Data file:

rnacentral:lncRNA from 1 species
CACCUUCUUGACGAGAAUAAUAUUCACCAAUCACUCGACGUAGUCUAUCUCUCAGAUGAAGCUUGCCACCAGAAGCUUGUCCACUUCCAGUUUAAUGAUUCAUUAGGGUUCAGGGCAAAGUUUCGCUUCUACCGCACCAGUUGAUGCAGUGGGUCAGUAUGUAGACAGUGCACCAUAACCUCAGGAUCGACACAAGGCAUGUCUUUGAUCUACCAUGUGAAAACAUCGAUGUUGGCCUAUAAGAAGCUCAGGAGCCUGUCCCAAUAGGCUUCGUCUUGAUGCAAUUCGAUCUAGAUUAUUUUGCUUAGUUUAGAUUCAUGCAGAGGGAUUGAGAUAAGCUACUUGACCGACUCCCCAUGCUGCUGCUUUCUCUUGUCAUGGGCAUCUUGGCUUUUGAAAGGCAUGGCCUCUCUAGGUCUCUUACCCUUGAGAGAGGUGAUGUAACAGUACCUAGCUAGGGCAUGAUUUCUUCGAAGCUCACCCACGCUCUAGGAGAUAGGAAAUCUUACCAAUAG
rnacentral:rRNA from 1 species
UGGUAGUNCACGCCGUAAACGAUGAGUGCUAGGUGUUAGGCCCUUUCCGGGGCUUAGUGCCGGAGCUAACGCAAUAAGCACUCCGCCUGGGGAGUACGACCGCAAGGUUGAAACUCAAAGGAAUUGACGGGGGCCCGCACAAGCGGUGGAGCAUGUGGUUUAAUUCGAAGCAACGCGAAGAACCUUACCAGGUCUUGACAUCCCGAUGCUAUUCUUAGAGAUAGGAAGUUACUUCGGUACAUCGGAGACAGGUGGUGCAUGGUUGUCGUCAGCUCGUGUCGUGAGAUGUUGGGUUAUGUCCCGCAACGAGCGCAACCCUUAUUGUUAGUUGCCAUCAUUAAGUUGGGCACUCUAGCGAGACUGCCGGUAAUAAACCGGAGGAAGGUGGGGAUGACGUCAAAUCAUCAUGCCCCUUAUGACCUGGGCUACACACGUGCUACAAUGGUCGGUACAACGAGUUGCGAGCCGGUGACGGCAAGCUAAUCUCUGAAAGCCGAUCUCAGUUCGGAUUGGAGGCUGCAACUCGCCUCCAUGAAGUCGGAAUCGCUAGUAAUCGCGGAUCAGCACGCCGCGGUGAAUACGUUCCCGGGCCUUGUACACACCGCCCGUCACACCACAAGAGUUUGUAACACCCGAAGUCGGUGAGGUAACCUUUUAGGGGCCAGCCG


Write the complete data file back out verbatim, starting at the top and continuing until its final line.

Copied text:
rnacentral:lncRNA from 1 species
CACCUUCUUGACGAGAAUAAUAUUCACCAAUCACUCGACGUAGUCUAUCUCUCAGAUGAAGCUUGCCACCAGAAGCUUGUCCACUUCCAGUUUAAUGAUUCAUUAGGGUUCAGGGCAAAGUUUCGCUUCUACCGCACCAGUUGAUGCAGUGGGUCAGUAUGUAGACAGUGCACCAUAACCUCAGGAUCGACACAAGGCAUGUCUUUGAUCUACCAUGUGAAAACAUCGAUGUUGGCCUAUAAGAAGCUCAGGAGCCUGUCCCAAUAGGCUUCGUCUUGAUGCAAUUCGAUCUAGAUUAUUUUGCUUAGUUUAGAUUCAUGCAGAGGGAUUGAGAUAAGCUACUUGACCGACUCCCCAUGCUGCUGCUUUCUCUUGUCAUGGGCAUCUUGGCUUUUGAAAGGCAUGGCCUCUCUAGGUCUCUUACCCUUGAGAGAGGUGAUGUAACAGUACCUAGCUAGGGCAUGAUUUCUUCGAAGCUCACCCACGCUCUAGGAGAUAGGAAAUCUUACCAAUAG
rnacentral:rRNA from 1 species
UGGUAGUNCACGCCGUAAACGAUGAGUGCUAGGUGUUAGGCCCUUUCCGGGGCUUAGUGCCGGAGCUAACGCAAUAAGCACUCCGCCUGGGGAGUACGACCGCAAGGUUGAAACUCAAAGGAAUUGACGGGGGCCCGCACAAGCGGUGGAGCAUGUGGUUUAAUUCGAAGCAACGCGAAGAACCUUACCAGGUCUUGACAUCCCGAUGCUAUUCUUAGAGAUAGGAAGUUACUUCGGUACAUCGGAGACAGGUGGUGCAUGGUUGUCGUCAGCUCGUGUCGUGAGAUGUUGGGUUAUGUCCCGCAACGAGCGCAACCCUUAUUGUUAGUUGCCAUCAUUAAGUUGGGCACUCUAGCGAGACUGCCGGUAAUAAACCGGAGGAAGGUGGGGAUGACGUCAAAUCAUCAUGCCCCUUAUGACCUGGGCUACACACGUGCUACAAUGGUCGGUACAACGAGUUGCGAGCCGGUGACGGCAAGCUAAUCUCUGAAAGCCGAUCUCAGUUCGGAUUGGAGGCUGCAACUCGCCUCCAUGAAGUCGGAAUCGCUAGUAAUCGCGGAUCAGCACGCCGCGGUGAAUACGUUCCCGGGCCUUGUACACACCGCCCGUCACACCACAAGAGUUUGUAACACCCGAAGUCGGUGAGGUAACCUUUUAGGGGCCAGCCG